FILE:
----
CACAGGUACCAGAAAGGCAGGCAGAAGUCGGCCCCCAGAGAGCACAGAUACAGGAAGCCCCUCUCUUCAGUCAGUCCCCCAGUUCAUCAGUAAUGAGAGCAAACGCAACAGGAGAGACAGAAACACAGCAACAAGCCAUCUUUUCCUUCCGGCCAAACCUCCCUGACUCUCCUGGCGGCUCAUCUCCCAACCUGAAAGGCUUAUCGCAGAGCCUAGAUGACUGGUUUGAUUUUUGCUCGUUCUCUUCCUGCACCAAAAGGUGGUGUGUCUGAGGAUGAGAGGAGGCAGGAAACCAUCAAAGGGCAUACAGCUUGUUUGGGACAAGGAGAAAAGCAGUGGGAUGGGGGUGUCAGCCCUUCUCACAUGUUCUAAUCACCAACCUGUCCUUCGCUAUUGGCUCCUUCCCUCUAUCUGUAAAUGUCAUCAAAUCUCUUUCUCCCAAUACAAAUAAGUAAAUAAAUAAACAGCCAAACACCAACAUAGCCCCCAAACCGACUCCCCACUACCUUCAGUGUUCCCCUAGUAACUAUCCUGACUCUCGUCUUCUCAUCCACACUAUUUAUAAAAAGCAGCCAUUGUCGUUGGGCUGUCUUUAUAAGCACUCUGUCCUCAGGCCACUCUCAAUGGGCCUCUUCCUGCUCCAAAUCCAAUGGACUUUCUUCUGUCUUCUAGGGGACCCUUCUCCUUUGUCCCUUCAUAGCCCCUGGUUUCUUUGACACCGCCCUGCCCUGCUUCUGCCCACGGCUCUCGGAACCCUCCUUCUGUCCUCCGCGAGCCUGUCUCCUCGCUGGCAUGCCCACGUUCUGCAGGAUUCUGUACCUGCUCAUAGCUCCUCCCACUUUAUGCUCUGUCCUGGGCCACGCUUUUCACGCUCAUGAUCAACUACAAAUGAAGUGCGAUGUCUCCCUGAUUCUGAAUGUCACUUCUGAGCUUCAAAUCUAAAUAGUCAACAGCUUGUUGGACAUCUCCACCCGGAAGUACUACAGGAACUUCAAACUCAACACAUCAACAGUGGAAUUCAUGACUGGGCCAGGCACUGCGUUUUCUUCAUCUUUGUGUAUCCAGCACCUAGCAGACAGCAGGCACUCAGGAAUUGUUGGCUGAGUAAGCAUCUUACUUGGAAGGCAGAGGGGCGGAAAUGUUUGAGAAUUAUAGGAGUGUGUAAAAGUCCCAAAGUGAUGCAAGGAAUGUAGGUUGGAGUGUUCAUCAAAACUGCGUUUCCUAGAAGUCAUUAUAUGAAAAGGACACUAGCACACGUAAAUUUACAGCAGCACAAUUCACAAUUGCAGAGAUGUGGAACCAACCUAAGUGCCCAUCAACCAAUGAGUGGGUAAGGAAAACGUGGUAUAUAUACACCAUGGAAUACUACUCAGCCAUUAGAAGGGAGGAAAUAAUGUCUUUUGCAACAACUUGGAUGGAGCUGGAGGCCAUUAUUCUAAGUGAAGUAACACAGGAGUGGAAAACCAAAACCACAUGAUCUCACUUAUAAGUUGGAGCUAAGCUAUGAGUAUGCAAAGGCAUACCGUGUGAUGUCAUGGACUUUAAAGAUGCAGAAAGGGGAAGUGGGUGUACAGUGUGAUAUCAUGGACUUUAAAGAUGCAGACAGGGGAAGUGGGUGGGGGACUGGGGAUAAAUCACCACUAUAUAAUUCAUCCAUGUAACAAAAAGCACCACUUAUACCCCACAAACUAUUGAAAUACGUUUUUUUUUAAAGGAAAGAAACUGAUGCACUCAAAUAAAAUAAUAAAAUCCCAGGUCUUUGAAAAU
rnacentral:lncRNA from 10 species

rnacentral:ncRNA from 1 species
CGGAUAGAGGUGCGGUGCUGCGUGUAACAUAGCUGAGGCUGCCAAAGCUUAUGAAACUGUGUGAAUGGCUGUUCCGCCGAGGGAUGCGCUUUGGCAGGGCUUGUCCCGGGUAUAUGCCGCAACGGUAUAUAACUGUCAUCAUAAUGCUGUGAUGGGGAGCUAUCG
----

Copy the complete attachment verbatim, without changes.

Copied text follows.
CACAGGUACCAGAAAGGCAGGCAGAAGUCGGCCCCCAGAGAGCACAGAUACAGGAAGCCCCUCUCUUCAGUCAGUCCCCCAGUUCAUCAGUAAUGAGAGCAAACGCAACAGGAGAGACAGAAACACAGCAACAAGCCAUCUUUUCCUUCCGGCCAAACCUCCCUGACUCUCCUGGCGGCUCAUCUCCCAACCUGAAAGGCUUAUCGCAGAGCCUAGAUGACUGGUUUGAUUUUUGCUCGUUCUCUUCCUGCACCAAAAGGUGGUGUGUCUGAGGAUGAGAGGAGGCAGGAAACCAUCAAAGGGCAUACAGCUUGUUUGGGACAAGGAGAAAAGCAGUGGGAUGGGGGUGUCAGCCCUUCUCACAUGUUCUAAUCACCAACCUGUCCUUCGCUAUUGGCUCCUUCCCUCUAUCUGUAAAUGUCAUCAAAUCUCUUUCUCCCAAUACAAAUAAGUAAAUAAAUAAACAGCCAAACACCAACAUAGCCCCCAAACCGACUCCCCACUACCUUCAGUGUUCCCCUAGUAACUAUCCUGACUCUCGUCUUCUCAUCCACACUAUUUAUAAAAAGCAGCCAUUGUCGUUGGGCUGUCUUUAUAAGCACUCUGUCCUCAGGCCACUCUCAAUGGGCCUCUUCCUGCUCCAAAUCCAAUGGACUUUCUUCUGUCUUCUAGGGGACCCUUCUCCUUUGUCCCUUCAUAGCCCCUGGUUUCUUUGACACCGCCCUGCCCUGCUUCUGCCCACGGCUCUCGGAACCCUCCUUCUGUCCUCCGCGAGCCUGUCUCCUCGCUGGCAUGCCCACGUUCUGCAGGAUUCUGUACCUGCUCAUAGCUCCUCCCACUUUAUGCUCUGUCCUGGGCCACGCUUUUCACGCUCAUGAUCAACUACAAAUGAAGUGCGAUGUCUCCCUGAUUCUGAAUGUCACUUCUGAGCUUCAAAUCUAAAUAGUCAACAGCUUGUUGGACAUCUCCACCCGGAAGUACUACAGGAACUUCAAACUCAACACAUCAACAGUGGAAUUCAUGACUGGGCCAGGCACUGCGUUUUCUUCAUCUUUGUGUAUCCAGCACCUAGCAGACAGCAGGCACUCAGGAAUUGUUGGCUGAGUAAGCAUCUUACUUGGAAGGCAGAGGGGCGGAAAUGUUUGAGAAUUAUAGGAGUGUGUAAAAGUCCCAAAGUGAUGCAAGGAAUGUAGGUUGGAGUGUUCAUCAAAACUGCGUUUCCUAGAAGUCAUUAUAUGAAAAGGACACUAGCACACGUAAAUUUACAGCAGCACAAUUCACAAUUGCAGAGAUGUGGAACCAACCUAAGUGCCCAUCAACCAAUGAGUGGGUAAGGAAAACGUGGUAUAUAUACACCAUGGAAUACUACUCAGCCAUUAGAAGGGAGGAAAUAAUGUCUUUUGCAACAACUUGGAUGGAGCUGGAGGCCAUUAUUCUAAGUGAAGUAACACAGGAGUGGAAAACCAAAACCACAUGAUCUCACUUAUAAGUUGGAGCUAAGCUAUGAGUAUGCAAAGGCAUACCGUGUGAUGUCAUGGACUUUAAAGAUGCAGAAAGGGGAAGUGGGUGUACAGUGUGAUAUCAUGGACUUUAAAGAUGCAGACAGGGGAAGUGGGUGGGGGACUGGGGAUAAAUCACCACUAUAUAAUUCAUCCAUGUAACAAAAAGCACCACUUAUACCCCACAAACUAUUGAAAUACGUUUUUUUUUAAAGGAAAGAAACUGAUGCACUCAAAUAAAAUAAUAAAAUCCCAGGUCUUUGAAAAU
rnacentral:lncRNA from 10 species

rnacentral:ncRNA from 1 species
CGGAUAGAGGUGCGGUGCUGCGUGUAACAUAGCUGAGGCUGCCAAAGCUUAUGAAACUGUGUGAAUGGCUGUUCCGCCGAGGGAUGCGCUUUGGCAGGGCUUGUCCCGGGUAUAUGCCGCAACGGUAUAUAACUGUCAUCAUAAUGCUGUGAUGGGGAGCUAUCG